Everything about TNT's family-friendly "Christmas in Washington" concert is classy and lovely and perfectly planned, like a present neatly wrapped with a big red bow. So that's why it was surprising when Hugh Jackman -- who boasted he was the first Australian to host the annual show -- hinted at something even vaguely controversial.
"Santa is also from overseas -- and that's a fact," Jackman said during his opening monologue, presumably referring to the "debate" that erupted on Fox News last week over the color of Santa's skin. The line did not get a big response from the crowd in the festively decorated National Building Museum, where President Obama and the first family were in attendance; there was some scattered laughter, and a few "oohs." Jackman paused. "Not for the kids," he admitted.
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"Christmas in Washington"Airs at 8 p.m. Friday, Dec. 20, on TNT
And that was the end of topical humor. Of course, the remark escaped the many children in attendance Sunday night, who were dressed in their holiday best, accompanied by parents, there to watch celebrities sing Christmas carols in an event that will be televised tonight. Always a jumble of genres and styles, this year's lineup included pop star turned trying-to-be-country-songstress Sheryl Crow; R&B siren Janelle Monae; actress and "Cups" singer Anna Kendrick; always-reliable Train frontman Pat Monahan; and the group that landed a "special appearance" billing, the Backstreet Boys.
"Boys" may not be the proper term for the former teenybopper superstars at this point. Brian Littrell's pushing 40, A.J. McClean's on his way, and Howie Dorough and Kevin Richardson are already there. It was quite the throwback to see them all together again, though; the dapper quintet gamely kicked off the show with "Christmas Time," offering well-rehearsed harmonies and trading off lead vocals. Backed by a choir, they still embraced cheesy dancing -- particularly Nick Carter, who was really into it.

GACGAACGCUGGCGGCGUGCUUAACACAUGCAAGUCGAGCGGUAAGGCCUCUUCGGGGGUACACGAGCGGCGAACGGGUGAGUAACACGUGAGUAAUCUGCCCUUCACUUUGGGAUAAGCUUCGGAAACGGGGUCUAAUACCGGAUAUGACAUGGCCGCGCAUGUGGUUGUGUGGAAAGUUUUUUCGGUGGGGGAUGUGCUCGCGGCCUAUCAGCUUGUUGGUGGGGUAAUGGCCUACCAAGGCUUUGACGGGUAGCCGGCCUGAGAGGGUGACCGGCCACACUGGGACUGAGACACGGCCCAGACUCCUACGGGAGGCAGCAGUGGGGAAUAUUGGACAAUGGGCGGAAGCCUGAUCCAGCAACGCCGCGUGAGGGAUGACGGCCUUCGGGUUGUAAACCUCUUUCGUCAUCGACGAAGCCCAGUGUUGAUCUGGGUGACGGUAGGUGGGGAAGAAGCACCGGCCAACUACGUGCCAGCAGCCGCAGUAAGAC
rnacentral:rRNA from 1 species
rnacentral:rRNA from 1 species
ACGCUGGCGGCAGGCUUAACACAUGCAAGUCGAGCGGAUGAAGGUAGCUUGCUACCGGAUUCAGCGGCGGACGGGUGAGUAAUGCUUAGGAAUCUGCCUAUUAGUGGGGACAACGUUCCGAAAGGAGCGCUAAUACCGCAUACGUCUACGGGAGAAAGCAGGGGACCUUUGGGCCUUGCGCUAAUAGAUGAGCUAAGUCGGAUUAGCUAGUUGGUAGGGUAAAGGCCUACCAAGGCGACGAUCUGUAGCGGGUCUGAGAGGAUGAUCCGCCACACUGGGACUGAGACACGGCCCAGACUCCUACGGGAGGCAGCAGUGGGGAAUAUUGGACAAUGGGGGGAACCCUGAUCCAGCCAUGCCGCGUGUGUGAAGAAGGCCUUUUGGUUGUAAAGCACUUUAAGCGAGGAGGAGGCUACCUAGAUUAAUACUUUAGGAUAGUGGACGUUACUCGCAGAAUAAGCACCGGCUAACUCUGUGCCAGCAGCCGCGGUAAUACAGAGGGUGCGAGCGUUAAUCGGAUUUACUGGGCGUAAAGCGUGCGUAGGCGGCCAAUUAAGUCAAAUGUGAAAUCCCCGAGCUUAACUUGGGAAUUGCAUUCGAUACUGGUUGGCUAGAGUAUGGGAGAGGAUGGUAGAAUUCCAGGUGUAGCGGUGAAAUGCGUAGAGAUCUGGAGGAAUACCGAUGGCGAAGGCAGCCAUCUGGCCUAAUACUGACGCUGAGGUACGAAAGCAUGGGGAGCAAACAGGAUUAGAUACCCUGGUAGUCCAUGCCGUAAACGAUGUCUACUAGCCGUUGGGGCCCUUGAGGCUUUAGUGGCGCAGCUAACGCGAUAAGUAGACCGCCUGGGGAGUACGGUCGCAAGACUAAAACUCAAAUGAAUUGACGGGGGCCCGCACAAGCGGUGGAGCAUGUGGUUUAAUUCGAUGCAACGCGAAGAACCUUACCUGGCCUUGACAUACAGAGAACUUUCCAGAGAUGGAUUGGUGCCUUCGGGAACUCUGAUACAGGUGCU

Also showing off moves: the Washington Youth Choir, with a particularly rousing rendition of "Come Tell It on the Mountain," complete with a choreographed mini-dance routine. It was delightful, and a nice shot of energy compared with soaring but slower songs from Crow ("Please Come Home for Christmas," "O Holy Night") and Kendrick ("Have Yourself a Merry Little Christmas," "Silent Night").
The feel-good event, which supports the Children's National Health System, also featured Monahan's vocal aerobics on "Merry Christmas Baby" and a spirited "This Christmas" courtesy of Monae. As usual, the grand finale was a group performance featuring all of the artists, along with the president, first lady, Malia and Sasha, who arrived onstage to dole out hugs and join in a mass singalong to "Hark! The Herald Angels Sing." President Obama spoke for a few minutes about the spirit of the season, and threw in a joke about Jackman's movie alter ego, thanking him for "leaving the Wolverine claws at home."
One element of the seamless broadcast became glaringly apparent: Jackman is not a comedian. In recent years, hosts Conan O'Brien and Ellen DeGeneres kept the crowds laughing. Not so much this time. Jackman's stilted delivery was almost a relief, however: Someone that strikingly attractive does have a flaw.
Because, oh right, he can sing. Beautifully. And he did, during the finale, belting out "Angels We Have Heard on High," joining the first family and artists in capping off the warm and fuzzy night -- but, as any celebrity should, only after plugging "The Wolverine" on DVD.